• Quantitative easing has pumped huge amounts of money into equities and it is hard to find anyone who says that they are not highly priced. Most people will tell you they are at historic highs (not in terms of the value of the overall market, which I know hits 'all time highs' regularly,  but in terms of P/E ratio and other measures).
  • We are almost 10 years into a bull run
  • World politics are (arguably) as volatile as they have been since the end of the Cold War
  • Trump is a F**ing lunatic narcissist who is steadily undermining the pillars of democracy in the US and the international rules-based order more broadly
Great insights! You should be a senior analyst for Goldman Sachs.

catccc

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Re: Still unsure about lump sum investing ...
« Reply #8 on: June 07, 2018, 03:58:09 PM »
In 2014, markets were doing well and I didn't look, but I bet if I did, I would have found an article saying the same thing, 'don't lump sum now.'  But based on the statistics, I went ahead and did it, to the tune of $120K.  I had been saving cash for about 11 years and just sitting on it in "High" yield savings accounts and CDs.  It was meant to be for an eventual house purchase.  To this day we still rent, and I'm glad I invested when I did.  My only regret is not having done it sooner.

IDK where you are in your FIRE journey, but if retirement isn't right around the corner, I say throw it in.  Someone else here once said "the market is always at an all time high."  Obviously that is not true and we have had dips, but generally speaking, it does tends to go in one direction.

DH and I are currently socking away over $5K a month, plus we lump sum $11K every January on top of that.  Our rule for investing is always sooner than later.  You may be right that you'd be better off DCAing in, but you might not.  Either way, just set a standard and go with it, that way you don't need to think too hard.  Yes, that's right, my investment strategy might center around not having to think too hard...  Good luck and be glad you are in a position to invest such a sum!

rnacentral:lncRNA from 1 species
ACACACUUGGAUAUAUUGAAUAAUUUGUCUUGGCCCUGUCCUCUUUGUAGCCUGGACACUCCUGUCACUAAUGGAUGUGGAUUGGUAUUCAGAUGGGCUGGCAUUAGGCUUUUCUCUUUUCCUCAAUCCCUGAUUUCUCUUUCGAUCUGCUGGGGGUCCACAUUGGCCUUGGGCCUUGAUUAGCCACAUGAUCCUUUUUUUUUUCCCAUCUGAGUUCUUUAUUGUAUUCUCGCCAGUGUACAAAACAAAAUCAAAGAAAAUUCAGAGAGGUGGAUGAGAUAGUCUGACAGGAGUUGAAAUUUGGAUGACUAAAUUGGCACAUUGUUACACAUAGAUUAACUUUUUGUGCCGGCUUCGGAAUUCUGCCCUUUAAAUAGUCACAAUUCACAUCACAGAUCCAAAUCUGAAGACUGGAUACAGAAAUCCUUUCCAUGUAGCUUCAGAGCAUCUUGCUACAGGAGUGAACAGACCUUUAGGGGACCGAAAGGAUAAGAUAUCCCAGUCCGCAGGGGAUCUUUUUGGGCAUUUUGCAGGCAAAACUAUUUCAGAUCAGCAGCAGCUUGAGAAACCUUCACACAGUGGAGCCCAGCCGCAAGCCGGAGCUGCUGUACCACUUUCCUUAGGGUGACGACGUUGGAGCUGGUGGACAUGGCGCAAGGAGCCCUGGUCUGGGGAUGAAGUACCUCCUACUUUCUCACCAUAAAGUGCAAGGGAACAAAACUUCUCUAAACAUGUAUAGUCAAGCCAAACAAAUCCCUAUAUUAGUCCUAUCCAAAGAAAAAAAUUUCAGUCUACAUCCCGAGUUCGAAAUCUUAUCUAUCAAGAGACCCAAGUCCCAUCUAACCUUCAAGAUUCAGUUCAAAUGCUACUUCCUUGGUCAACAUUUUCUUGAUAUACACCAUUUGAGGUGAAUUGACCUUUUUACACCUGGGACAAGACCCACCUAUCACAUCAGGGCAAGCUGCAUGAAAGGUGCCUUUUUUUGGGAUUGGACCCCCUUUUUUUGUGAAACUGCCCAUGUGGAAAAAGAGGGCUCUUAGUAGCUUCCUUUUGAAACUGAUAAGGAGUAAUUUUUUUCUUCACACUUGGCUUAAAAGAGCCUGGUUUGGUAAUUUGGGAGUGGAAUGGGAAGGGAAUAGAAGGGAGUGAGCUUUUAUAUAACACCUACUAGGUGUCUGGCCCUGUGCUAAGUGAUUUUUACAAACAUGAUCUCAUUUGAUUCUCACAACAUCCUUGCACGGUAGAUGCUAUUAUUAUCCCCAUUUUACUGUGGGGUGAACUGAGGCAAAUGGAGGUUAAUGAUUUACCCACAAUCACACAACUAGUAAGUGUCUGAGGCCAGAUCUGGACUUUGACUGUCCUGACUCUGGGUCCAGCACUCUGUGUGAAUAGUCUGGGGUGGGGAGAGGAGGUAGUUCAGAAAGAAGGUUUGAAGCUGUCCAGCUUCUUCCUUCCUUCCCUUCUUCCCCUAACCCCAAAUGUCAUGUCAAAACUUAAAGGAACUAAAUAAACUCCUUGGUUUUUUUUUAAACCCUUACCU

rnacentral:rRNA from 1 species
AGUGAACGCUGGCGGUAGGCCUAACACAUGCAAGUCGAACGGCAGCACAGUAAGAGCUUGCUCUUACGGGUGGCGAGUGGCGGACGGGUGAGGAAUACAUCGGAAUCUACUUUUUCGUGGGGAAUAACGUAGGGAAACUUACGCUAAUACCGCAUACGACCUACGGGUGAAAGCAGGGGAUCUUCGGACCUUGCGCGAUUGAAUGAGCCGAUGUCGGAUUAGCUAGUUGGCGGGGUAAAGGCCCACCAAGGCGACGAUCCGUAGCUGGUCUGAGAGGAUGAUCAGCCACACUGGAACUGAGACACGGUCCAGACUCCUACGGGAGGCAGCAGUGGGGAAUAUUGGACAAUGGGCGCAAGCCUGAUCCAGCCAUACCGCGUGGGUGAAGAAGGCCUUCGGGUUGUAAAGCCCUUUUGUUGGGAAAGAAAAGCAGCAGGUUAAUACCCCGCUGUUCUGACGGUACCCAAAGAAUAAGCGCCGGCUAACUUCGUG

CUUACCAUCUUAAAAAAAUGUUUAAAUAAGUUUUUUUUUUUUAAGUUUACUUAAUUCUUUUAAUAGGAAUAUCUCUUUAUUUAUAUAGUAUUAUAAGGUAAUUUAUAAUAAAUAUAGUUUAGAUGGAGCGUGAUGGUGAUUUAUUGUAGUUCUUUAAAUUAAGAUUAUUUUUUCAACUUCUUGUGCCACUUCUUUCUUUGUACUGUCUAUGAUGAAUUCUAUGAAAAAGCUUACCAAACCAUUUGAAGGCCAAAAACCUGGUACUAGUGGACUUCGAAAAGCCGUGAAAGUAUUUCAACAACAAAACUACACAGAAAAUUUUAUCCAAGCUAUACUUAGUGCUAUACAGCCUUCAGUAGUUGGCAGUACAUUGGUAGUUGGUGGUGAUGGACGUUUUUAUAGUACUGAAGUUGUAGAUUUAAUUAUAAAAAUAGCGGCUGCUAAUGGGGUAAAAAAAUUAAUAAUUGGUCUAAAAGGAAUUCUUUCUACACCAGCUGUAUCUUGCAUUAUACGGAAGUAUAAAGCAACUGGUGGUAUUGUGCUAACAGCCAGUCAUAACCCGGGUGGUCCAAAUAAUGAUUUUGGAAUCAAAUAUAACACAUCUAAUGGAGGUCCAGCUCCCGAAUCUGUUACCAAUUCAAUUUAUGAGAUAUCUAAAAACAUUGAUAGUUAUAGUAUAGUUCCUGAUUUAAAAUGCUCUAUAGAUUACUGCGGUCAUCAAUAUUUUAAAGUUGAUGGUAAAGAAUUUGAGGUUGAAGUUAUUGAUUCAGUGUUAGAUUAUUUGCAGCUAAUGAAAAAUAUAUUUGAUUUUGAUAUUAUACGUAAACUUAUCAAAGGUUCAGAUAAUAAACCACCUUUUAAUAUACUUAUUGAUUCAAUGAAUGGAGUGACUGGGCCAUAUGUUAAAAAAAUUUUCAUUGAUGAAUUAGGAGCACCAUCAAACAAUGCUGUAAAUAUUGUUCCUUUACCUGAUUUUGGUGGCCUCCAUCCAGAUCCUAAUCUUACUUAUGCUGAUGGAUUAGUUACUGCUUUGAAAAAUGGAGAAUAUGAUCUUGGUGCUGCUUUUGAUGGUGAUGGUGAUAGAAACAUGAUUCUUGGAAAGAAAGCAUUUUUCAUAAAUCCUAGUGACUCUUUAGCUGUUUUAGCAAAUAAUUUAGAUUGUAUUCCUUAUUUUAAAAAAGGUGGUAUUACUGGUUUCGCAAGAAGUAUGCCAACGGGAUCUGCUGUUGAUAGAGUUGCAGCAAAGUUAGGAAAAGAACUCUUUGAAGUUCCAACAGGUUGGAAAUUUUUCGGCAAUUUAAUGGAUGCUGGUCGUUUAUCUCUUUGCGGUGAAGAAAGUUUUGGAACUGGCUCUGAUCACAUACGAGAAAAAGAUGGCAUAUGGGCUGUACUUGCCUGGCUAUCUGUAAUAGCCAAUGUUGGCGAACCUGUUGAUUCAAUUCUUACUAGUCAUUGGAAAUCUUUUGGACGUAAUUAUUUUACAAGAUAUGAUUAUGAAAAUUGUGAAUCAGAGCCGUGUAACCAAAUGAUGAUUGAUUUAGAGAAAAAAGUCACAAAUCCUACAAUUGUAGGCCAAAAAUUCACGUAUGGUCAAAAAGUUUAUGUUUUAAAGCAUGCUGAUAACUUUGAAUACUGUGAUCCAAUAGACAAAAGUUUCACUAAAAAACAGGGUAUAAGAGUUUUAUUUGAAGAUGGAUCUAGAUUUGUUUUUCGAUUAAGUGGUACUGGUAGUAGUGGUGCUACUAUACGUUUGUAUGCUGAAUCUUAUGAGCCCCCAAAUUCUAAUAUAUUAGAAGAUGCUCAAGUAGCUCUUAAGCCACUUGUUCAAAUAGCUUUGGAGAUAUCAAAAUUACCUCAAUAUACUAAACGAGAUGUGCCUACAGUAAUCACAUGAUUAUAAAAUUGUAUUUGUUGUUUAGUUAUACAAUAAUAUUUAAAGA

Eric

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Re: Still unsure about lump sum investing ...
« Reply #9 on: June 07, 2018, 04:21:24 PM »
Lets say you are tying to amass $1.5 million. Then $15,000 is 1% of what you are concerned about. If for some reason things go bad and you temporarily lose 50%, that will be an 0.5% temporary loss. It will quickly vanish into the mists of time. You are already going to be making larger than normal contributions over the next year, so dollar cost averaging would be redundant. Just invest it already.

Yeah, OP.  $15k is nothing in the grand scheme of things.  Of course if feels like a lot right now, but in a few years you'll laugh at this hesitation.  Just invest it already.
"Compound interest is the most powerful force in the universe."  -- Einstein

Rob_bob

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Re: Still unsure about lump sum investing ...
« Reply #10 on: June 07, 2018, 08:26:54 PM »
Maybe you should lump sum $10k and keep $5k cash if that makes you more comfortable.

How would you feel if you kept it all in cash and watched the market creep higher over the next 5 years while your cash erodes by a few % each year from rising inflation?  How would you feel about investing it at those higher levels?

How many people sold out just short of the market bottom in 2009 and are still out of the market because they know it will crash again, and most likely still be at a higher level than they sold at?

You should determine what % of your portfolio should be cash/fixed income then invest accordingly.

MDM

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Re: Still unsure about lump sum investing ...
« Reply #11 on: June 07, 2018, 08:32:01 PM »